Indepth blockchain network analysis with AI and Big Data

Blaise from Nyctale

iExec is a blockchain-based decentralized cloud computing platform. The company has conducted an ICO in April 2017. Its token RLC is to be used through the smart contract associated to iExec platform. This report aims at studying the RLC token and the behavior of actors within its network.

For this study, we interpret the transactional data-structure as directed graphs, while implementing the state-of-the-art in machine learning for graph analysis. Considering the network structure as a directed graph allows us to obtain a visual representation of the overall network structuration. In addition to other algorithms such as centrality analysis and outlier detection, we managed to identify wallets with specific behavior like exchange platform’s wallet or wallets used by iExec team.

We perform this as a preliminary step to exclude a few wallets (around 30 in this case) from our data set to focus on users and individual investors. Then, this study focuses on network activity from individual actors.

Introduction: General statistics about iExec network activity

The number of new wallets and transactions highlight the activity’s intensity of iExec network. Over the period considered, these number varied by a factor of seven between periods of lowest activity and highest ones. These metrics mainly highlight the newcomers. On the other hand, some wallets become inactive, while holding some tokens or not.

On these different periods, different key events on the project development roadmap have generated several activity peaks:

1. Bittrex listing

2. Release v1 + Airdrop

3. Binance listing

4. Ubisoft partnership announcement

5. Intel partnership announcement at Consensus 2018

6. 1st worker drop

Looking at the average and total volume of transactions on the RLC network, it is clear that ICO has been the most intense period for the network.

If we focus on the network’s activity without considering the ICO-period, we note a high fluctuation on both metrics (average and total volume of transactions). At the same time, these variations are not that much correlated to the activity related to new wallets and transactions. This means hype periods don’t generate as much volume than they attract new users.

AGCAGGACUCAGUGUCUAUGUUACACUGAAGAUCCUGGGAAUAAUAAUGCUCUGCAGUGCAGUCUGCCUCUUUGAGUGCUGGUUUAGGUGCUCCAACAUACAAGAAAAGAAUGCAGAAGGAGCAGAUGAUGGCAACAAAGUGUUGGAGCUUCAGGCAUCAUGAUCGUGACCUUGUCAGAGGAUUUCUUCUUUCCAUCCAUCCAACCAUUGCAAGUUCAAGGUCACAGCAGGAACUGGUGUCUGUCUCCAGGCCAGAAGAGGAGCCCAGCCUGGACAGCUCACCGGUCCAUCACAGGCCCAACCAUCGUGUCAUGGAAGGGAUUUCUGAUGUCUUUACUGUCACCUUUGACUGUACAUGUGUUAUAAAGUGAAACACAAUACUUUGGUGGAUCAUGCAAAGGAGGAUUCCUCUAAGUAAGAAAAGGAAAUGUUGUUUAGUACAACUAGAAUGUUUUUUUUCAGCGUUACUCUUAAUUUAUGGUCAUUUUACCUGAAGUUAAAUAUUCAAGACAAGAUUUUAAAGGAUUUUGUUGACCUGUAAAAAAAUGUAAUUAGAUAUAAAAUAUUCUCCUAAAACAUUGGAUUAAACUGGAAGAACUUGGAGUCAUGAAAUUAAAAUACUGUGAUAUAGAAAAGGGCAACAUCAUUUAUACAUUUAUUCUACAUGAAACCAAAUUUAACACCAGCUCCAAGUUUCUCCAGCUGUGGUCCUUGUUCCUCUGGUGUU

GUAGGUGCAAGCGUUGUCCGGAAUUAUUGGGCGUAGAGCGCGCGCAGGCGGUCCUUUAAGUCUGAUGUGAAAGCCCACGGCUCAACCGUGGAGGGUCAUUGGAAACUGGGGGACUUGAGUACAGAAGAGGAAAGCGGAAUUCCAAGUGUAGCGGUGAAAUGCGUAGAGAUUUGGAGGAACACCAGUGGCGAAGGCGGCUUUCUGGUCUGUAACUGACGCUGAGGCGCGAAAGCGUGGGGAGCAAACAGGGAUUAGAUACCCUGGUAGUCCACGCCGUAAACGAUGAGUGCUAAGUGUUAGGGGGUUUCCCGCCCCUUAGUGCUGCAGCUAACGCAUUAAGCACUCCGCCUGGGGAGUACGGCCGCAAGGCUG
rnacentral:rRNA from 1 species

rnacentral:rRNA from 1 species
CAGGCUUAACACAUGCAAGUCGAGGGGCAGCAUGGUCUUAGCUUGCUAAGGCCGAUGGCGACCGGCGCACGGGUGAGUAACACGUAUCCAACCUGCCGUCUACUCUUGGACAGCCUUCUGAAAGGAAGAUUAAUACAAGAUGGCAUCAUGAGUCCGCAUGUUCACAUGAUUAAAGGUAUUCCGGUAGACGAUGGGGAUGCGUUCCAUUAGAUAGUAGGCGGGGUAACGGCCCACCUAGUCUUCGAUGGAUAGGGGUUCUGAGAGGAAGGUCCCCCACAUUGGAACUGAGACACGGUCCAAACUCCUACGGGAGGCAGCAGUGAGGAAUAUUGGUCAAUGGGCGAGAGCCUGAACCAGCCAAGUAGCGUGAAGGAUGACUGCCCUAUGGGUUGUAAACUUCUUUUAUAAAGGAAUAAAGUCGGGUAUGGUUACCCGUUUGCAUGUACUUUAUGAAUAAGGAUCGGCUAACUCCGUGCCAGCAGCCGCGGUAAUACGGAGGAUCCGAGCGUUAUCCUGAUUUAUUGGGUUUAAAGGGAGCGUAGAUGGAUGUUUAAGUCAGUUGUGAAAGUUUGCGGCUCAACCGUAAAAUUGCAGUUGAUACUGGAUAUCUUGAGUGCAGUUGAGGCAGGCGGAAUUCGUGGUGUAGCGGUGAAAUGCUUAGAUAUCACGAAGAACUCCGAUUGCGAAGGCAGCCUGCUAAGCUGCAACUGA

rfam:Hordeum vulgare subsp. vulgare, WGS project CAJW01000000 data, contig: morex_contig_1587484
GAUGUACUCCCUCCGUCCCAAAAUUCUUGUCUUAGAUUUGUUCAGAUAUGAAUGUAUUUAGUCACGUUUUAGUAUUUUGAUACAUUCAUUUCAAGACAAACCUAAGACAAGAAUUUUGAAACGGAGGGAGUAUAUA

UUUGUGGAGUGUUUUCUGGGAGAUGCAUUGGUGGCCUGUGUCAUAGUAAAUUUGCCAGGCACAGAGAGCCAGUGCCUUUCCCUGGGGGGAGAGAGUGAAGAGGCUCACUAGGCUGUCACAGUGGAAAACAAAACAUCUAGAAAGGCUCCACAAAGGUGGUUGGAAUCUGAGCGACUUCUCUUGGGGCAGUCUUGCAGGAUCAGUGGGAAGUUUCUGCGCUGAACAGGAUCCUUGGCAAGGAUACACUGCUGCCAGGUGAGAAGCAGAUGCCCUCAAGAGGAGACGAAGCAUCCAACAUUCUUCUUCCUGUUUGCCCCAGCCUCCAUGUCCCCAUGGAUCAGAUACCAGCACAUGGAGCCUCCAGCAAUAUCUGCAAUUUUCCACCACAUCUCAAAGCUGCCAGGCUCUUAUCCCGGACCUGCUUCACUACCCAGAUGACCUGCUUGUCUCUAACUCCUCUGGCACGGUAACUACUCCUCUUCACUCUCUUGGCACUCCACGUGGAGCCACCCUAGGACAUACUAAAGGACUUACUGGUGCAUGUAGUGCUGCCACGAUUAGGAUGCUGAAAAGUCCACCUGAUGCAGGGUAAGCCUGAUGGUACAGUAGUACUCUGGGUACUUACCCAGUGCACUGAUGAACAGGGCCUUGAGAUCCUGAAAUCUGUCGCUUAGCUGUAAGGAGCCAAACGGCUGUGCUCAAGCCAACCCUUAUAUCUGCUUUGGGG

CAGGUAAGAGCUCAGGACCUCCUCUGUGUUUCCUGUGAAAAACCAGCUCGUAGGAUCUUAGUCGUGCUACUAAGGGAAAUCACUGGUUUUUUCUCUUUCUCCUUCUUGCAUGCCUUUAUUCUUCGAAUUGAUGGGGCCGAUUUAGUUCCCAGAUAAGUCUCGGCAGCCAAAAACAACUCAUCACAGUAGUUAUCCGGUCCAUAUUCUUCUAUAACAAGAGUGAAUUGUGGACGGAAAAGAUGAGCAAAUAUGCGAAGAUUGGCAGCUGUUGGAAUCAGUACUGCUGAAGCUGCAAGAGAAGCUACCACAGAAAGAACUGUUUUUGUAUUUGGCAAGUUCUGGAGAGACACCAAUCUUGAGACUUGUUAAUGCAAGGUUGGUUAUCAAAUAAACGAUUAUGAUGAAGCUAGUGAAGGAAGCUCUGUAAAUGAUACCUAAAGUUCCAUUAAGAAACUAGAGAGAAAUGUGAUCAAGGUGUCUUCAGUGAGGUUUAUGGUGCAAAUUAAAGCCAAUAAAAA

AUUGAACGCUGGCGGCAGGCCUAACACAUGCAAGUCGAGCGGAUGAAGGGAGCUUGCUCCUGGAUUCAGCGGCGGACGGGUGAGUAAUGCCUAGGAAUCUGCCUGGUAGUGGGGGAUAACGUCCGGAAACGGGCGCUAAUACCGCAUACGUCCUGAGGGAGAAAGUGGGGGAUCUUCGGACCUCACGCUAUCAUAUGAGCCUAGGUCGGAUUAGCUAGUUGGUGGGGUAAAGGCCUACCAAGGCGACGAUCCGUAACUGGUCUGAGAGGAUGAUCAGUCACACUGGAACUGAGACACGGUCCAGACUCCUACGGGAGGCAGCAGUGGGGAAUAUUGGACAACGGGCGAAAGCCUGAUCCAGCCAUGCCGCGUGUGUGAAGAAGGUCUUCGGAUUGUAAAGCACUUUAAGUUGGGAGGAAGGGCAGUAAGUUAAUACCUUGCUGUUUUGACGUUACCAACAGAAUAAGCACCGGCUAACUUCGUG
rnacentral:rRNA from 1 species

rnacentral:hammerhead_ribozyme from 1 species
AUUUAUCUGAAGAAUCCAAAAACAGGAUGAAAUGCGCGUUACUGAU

This is confirmed by the fact that average and total volumes have different behaviors. During highly speculative periods, the average volume remains low whereas the total volume reaches a peak. During these periods, there is a surge in active small actors attracted by hype around the project.

Looking at the number of senders and receivers for the RLC token, we understand that there is almost all the time more receivers than senders, which means a constant expansion for the iExec network.

This is computed for each period on active wallets without considering inactive ones.

Thus, we formalize an expansion ratio to highlight this point:

• When the ratio is inferior to 1, the network is being expanded;

• When the ratio is superior to 1, the network is being contracted.

In this way, this expansion indicator doesn’t insure that active wallets remain active. It is more about knowing if there are more people holding the tokens at the end of the period than at the beginning.

We can also look at the general distribution of RLC token within the community (exchange platforms’ wallets excluded). We also don’t consider wallets with a balance inferior to 10 RLC.

We note here that around 90% of wallets currently hold less than 10,000 tokens, while the large majority owns a quantity between 10 and 1,000 RLC.

*The number of wallets represented here is related to wallets with a balance superior to 10 tokens at the end of each month. Some active wallets don’t match this criterion.

The distribution of wallets’ weight in each category is inversely proportional to the distribution of wallet’s number. Around 90% of the network value is in the hand of the 10% who hold more than 10,000 tokens.

This representation also highlights the impact of December’s hype and Binance listing. The beginning of 2018 is characterized by a sudden surge in the number of wallets holding the RLC tokens, with mainly small balances. This evolution has nearly no impact on the weight’s distribution. On the other hand, the weight’s distribution has been constantly evolving since April 2017 to December 2017 with a decrease for wallets with a balance superior to 1,000,000 RLC.

Part 1: Behavior analysis

To go further in the understand of RLC’s network activity, we have used advanced machine learning algorithms to batch wallets following different kind of behaviors. This has been computed for each month, and we have simplified the representation with four types of behaviors (incoming investor, trader, outgoing investor, and holder) weighted with four different levels of activity (detailed below).

We saw that activity peaks are mainly attracting incoming investors and traders, while creating holders over the next period. Outgoing investors are cashing out more intensely during and after these peaks, while trading activity is quickly decreasing after each peak.

For the last few months, the number of active wallets has been low and most of the network is composed of holders. There are currently almost 7,000 wallets on the iExec network, while a total of 27,000 have been used since ICO.

The used algorithms enable us to obtain very precise batches of wallets who have a similar behavior. For each cluster, we gather activity details (number of transactions, total volume involved, balance) to precisely characterize them each month. We obtain a variable number of clusters per period.

We have built several indicators to interpret the type / size / intensity of wallet’s activity while creating different labels to determine their main orientation.

Here are the main rules used on each period:

• We consider wallets as incoming / outgoing investors for an increase / decrease superior to 25% of their wallet’s initial balance, with more than 100 tokens added / removed.

• When the balance remains stable (-25% to +25%), we note wallets as holders when their trading volume is inferior to 10% of their balance, with a balance superior to 100 tokens.